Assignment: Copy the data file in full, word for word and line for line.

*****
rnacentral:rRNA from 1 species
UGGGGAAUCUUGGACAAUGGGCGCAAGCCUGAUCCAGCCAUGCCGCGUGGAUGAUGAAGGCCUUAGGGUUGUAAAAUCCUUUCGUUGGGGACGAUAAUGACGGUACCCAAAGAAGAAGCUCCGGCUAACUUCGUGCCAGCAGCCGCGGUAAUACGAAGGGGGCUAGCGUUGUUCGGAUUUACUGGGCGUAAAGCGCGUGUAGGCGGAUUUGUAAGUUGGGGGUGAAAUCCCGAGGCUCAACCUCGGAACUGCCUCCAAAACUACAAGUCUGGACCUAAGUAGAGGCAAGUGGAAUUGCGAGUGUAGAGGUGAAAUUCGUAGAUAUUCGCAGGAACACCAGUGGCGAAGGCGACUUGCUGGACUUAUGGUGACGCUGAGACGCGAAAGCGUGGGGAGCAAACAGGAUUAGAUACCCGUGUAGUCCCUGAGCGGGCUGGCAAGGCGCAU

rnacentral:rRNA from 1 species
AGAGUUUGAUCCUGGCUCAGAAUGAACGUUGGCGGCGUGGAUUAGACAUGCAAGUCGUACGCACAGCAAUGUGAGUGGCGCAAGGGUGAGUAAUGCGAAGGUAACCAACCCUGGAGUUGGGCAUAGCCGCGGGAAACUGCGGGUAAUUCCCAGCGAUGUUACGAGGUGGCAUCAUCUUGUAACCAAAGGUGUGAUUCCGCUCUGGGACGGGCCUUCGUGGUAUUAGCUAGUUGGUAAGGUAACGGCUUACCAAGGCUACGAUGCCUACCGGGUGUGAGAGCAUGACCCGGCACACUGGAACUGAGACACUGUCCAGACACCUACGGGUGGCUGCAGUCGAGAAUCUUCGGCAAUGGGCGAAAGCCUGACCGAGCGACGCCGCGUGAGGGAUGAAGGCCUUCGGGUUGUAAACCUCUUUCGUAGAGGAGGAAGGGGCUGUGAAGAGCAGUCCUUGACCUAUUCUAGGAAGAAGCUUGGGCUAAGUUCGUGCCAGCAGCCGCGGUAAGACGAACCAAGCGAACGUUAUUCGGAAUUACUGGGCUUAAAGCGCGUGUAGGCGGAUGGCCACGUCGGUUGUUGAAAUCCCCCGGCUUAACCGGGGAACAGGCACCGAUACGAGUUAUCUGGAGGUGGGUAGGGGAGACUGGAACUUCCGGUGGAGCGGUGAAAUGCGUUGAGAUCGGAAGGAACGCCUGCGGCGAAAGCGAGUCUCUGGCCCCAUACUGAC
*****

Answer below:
rnacentral:rRNA from 1 species
UGGGGAAUCUUGGACAAUGGGCGCAAGCCUGAUCCAGCCAUGCCGCGUGGAUGAUGAAGGCCUUAGGGUUGUAAAAUCCUUUCGUUGGGGACGAUAAUGACGGUACCCAAAGAAGAAGCUCCGGCUAACUUCGUGCCAGCAGCCGCGGUAAUACGAAGGGGGCUAGCGUUGUUCGGAUUUACUGGGCGUAAAGCGCGUGUAGGCGGAUUUGUAAGUUGGGGGUGAAAUCCCGAGGCUCAACCUCGGAACUGCCUCCAAAACUACAAGUCUGGACCUAAGUAGAGGCAAGUGGAAUUGCGAGUGUAGAGGUGAAAUUCGUAGAUAUUCGCAGGAACACCAGUGGCGAAGGCGACUUGCUGGACUUAUGGUGACGCUGAGACGCGAAAGCGUGGGGAGCAAACAGGAUUAGAUACCCGUGUAGUCCCUGAGCGGGCUGGCAAGGCGCAU

rnacentral:rRNA from 1 species
AGAGUUUGAUCCUGGCUCAGAAUGAACGUUGGCGGCGUGGAUUAGACAUGCAAGUCGUACGCACAGCAAUGUGAGUGGCGCAAGGGUGAGUAAUGCGAAGGUAACCAACCCUGGAGUUGGGCAUAGCCGCGGGAAACUGCGGGUAAUUCCCAGCGAUGUUACGAGGUGGCAUCAUCUUGUAACCAAAGGUGUGAUUCCGCUCUGGGACGGGCCUUCGUGGUAUUAGCUAGUUGGUAAGGUAACGGCUUACCAAGGCUACGAUGCCUACCGGGUGUGAGAGCAUGACCCGGCACACUGGAACUGAGACACUGUCCAGACACCUACGGGUGGCUGCAGUCGAGAAUCUUCGGCAAUGGGCGAAAGCCUGACCGAGCGACGCCGCGUGAGGGAUGAAGGCCUUCGGGUUGUAAACCUCUUUCGUAGAGGAGGAAGGGGCUGUGAAGAGCAGUCCUUGACCUAUUCUAGGAAGAAGCUUGGGCUAAGUUCGUGCCAGCAGCCGCGGUAAGACGAACCAAGCGAACGUUAUUCGGAAUUACUGGGCUUAAAGCGCGUGUAGGCGGAUGGCCACGUCGGUUGUUGAAAUCCCCCGGCUUAACCGGGGAACAGGCACCGAUACGAGUUAUCUGGAGGUGGGUAGGGGAGACUGGAACUUCCGGUGGAGCGGUGAAAUGCGUUGAGAUCGGAAGGAACGCCUGCGGCGAAAGCGAGUCUCUGGCCCCAUACUGAC